17 January 2022 | Address of His Holiness


Clementine Hall

[…] To make known the Holy Land, means communicating the “Fifth Gospel”, that
is, the historical and geographical environment in which the Word of God was
revealed and incarnated in Jesus of Nazareth, for us and for our salvation. It also
means making known the people who live there today, the life of the Christians of
the various Churches and denominations, but also that of Jews and Muslims, to
attempt to build a fraternal society in a context as complex and difficult as that of
the Middle East.
Communication, in the time of social networks, must help to build community, or
better still, fraternity (see Message for the World Communications Day 2019). I
encourage you to recount the fraternity that is possible: the fraternity between
Christians of Churches and confessions that are unfortunately still separated, but
which in the Holy Land are often already close to unity, as I myself have had the
opportunity to observe; to tell of the fraternity that is possible among all the
children of Abraham – Jews, Christians and Muslims; to tell of the ecclesial
fraternity that is open to migrants, displaced persons and refugees, to restore to
them the dignity they were deprived of when they had to leave their homeland in
search of a future for themselves and their children. To tell all of this.
I thank you because, to recount the Holy Land, you endeavour to meet people
where and as they are (see Message for World Communications Day 2021). Indeed,
to carry out your reports, your enquiries and your publications, you do not limit
yourselves to the calmer territories; you also visit the more difficult and afflicted
situations, such as Syria, Lebanon, Palestine and Gaza. I know that you try to
present stories of goodness, those of active resistance to the evil of war, those of
reconciliation, those of the restoration of dignity to the children robbed of their
childhood, those of refugees with their tragedies but also with their dreams and
their hopes. Thank you, because to carry out your work in this way, you have not
spared the soles of your shoes, and I know that you will not do so in the future, to
be able to recount all of this.
Indeed, in communicating a certain reality, nothing can completely replace personal
experience, living there. And you live and work in the very place where the Word of
God, his message of salvation, was made incarnate and “encounterable” in Jesus
Christ: not only in his words, but in his eyes, in his voice, in his gestures (cf.
Message for World Communications Day 2021). Jesus’ attractiveness “depended on
the truth of his preaching; yet the effectiveness of what he said was inseparable
from how he looked at others, from how he acted towards them, and even from his
silence. The disciples not only listened to his words; they watched him speak.
Indeed in him – the incarnate Logos – the Word took on a face; the invisible God let
himself be seen, heard and touched (cf. 1 Jn 1.1-3). The word is effective only if it
is “seen” only if it engages us in experience, in dialogue” (ibid.).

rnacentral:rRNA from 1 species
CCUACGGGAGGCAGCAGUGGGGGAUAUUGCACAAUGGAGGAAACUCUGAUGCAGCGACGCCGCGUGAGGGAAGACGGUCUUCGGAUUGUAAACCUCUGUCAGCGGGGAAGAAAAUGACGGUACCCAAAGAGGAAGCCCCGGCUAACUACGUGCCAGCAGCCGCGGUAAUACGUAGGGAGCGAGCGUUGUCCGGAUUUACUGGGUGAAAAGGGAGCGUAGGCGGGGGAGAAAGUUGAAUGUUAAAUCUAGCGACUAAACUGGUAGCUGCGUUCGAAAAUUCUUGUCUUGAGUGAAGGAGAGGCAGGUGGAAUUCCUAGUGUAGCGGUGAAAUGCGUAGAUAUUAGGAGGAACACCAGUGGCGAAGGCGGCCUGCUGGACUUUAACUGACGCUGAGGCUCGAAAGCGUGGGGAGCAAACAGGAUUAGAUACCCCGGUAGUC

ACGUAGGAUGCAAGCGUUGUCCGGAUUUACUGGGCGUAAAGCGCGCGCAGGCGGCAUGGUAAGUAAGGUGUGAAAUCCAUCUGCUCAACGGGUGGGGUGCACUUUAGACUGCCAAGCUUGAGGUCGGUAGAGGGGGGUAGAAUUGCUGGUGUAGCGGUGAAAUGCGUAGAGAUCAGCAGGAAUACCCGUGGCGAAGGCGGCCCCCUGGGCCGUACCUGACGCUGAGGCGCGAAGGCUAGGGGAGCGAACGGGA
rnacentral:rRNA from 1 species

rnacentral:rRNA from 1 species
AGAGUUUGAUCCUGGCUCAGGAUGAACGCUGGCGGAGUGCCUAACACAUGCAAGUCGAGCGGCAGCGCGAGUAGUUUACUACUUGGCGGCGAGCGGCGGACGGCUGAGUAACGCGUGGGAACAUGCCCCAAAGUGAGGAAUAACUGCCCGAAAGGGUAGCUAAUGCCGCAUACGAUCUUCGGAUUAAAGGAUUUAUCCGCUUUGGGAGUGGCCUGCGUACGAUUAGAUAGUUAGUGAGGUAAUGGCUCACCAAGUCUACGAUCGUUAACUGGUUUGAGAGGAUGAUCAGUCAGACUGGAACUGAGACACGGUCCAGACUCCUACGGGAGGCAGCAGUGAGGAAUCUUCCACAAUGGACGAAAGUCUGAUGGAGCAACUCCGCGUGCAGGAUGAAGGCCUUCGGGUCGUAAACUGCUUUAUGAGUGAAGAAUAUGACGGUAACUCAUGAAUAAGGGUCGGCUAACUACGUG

Dear communicators of the Custody of the Holy Land, you are required to make
known what the Synod on the Word of God (2008) and then Pope Benedict XVI
called “the Fifth Gospel”, that is, that Land where the history and geography of
salvation meet and allow us to make a new reading of the biblical text, in particular
the Gospel texts. There “we can see, indeed, tangibly feel that reality of the history
that God brought about with men and women; beginning with the places of
Abraham’s life and including the places of Jesus’ life, from the incarnation to the
empty tomb, the sign of his Resurrection. Yes, God entered this land, he acted with
us in this world” (Benedict XVI, Regina Caeli, 17 May 2009). And the Paschal
Mystery also illuminates and gives meaning to today’s history, to the journey of the
peoples who live on that earth today, a journey unfortunately marked by wounds
and conflicts, still today, but which God’s grace always opens up to hope, hope of
fraternity and peace (cf. ibid.). In this sense too, by telling the story of the Holy
Land, you are telling the “Fifth Gospel”, the Gospel that God continues to write in
Through the means of social communication, you are able to enrich the faith of
many, even those who do not have the opportunity of making a pilgrimage to the
holy places. You do so by means of your professional commitment, carried out
skilfully every day in the service of the Gospel. This is valuable for believers
throughout the world and, at the same time, supports the Christians who live in the
Land of Jesus. And I want to take advantage of this opportunity to express my
closeness to them. I always remember them, also in prayer. Please, when you
return home, convey my greeting and my blessing to the families and Christian
communities of the Holy Land.
Dear brothers and sisters, may the Lord’s providence and the protection of the Holy
Virgin always accompany you in your activities. I heartily impart the apostolic
blessing to you all, and to the other collaborators who were unable to come. And I
ask you, from the Holy Land, for a prayer for me too. Thank you!